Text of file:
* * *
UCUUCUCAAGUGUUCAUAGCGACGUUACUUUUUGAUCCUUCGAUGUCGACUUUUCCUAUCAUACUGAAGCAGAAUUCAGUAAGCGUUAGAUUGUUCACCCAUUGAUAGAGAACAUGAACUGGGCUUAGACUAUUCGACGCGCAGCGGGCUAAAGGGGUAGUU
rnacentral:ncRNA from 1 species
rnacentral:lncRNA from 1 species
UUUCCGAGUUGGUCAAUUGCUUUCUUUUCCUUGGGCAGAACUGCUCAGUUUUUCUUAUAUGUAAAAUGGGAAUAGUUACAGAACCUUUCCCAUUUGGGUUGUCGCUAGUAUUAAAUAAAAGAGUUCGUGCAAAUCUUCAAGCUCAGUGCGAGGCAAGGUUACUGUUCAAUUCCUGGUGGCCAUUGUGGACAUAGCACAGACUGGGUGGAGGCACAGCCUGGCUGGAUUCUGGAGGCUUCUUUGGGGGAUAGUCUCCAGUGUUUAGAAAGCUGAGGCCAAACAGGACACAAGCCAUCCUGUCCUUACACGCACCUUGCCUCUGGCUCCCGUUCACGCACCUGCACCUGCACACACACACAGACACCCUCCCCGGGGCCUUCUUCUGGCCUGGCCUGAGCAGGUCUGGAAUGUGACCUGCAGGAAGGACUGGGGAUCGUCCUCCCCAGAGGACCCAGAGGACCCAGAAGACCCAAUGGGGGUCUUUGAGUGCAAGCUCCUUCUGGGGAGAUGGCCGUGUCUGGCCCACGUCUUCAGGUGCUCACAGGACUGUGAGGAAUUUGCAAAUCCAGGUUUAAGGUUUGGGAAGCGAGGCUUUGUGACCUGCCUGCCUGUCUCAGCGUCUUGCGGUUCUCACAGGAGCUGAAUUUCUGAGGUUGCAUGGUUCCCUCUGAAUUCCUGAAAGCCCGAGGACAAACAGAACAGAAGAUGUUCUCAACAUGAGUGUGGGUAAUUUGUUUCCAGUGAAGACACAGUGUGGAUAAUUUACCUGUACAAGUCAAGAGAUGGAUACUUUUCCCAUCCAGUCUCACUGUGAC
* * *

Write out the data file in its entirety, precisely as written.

UCUUCUCAAGUGUUCAUAGCGACGUUACUUUUUGAUCCUUCGAUGUCGACUUUUCCUAUCAUACUGAAGCAGAAUUCAGUAAGCGUUAGAUUGUUCACCCAUUGAUAGAGAACAUGAACUGGGCUUAGACUAUUCGACGCGCAGCGGGCUAAAGGGGUAGUU
rnacentral:ncRNA from 1 species
rnacentral:lncRNA from 1 species
UUUCCGAGUUGGUCAAUUGCUUUCUUUUCCUUGGGCAGAACUGCUCAGUUUUUCUUAUAUGUAAAAUGGGAAUAGUUACAGAACCUUUCCCAUUUGGGUUGUCGCUAGUAUUAAAUAAAAGAGUUCGUGCAAAUCUUCAAGCUCAGUGCGAGGCAAGGUUACUGUUCAAUUCCUGGUGGCCAUUGUGGACAUAGCACAGACUGGGUGGAGGCACAGCCUGGCUGGAUUCUGGAGGCUUCUUUGGGGGAUAGUCUCCAGUGUUUAGAAAGCUGAGGCCAAACAGGACACAAGCCAUCCUGUCCUUACACGCACCUUGCCUCUGGCUCCCGUUCACGCACCUGCACCUGCACACACACACAGACACCCUCCCCGGGGCCUUCUUCUGGCCUGGCCUGAGCAGGUCUGGAAUGUGACCUGCAGGAAGGACUGGGGAUCGUCCUCCCCAGAGGACCCAGAGGACCCAGAAGACCCAAUGGGGGUCUUUGAGUGCAAGCUCCUUCUGGGGAGAUGGCCGUGUCUGGCCCACGUCUUCAGGUGCUCACAGGACUGUGAGGAAUUUGCAAAUCCAGGUUUAAGGUUUGGGAAGCGAGGCUUUGUGACCUGCCUGCCUGUCUCAGCGUCUUGCGGUUCUCACAGGAGCUGAAUUUCUGAGGUUGCAUGGUUCCCUCUGAAUUCCUGAAAGCCCGAGGACAAACAGAACAGAAGAUGUUCUCAACAUGAGUGUGGGUAAUUUGUUUCCAGUGAAGACACAGUGUGGAUAAUUUACCUGUACAAGUCAAGAGAUGGAUACUUUUCCCAUCCAGUCUCACUGUGAC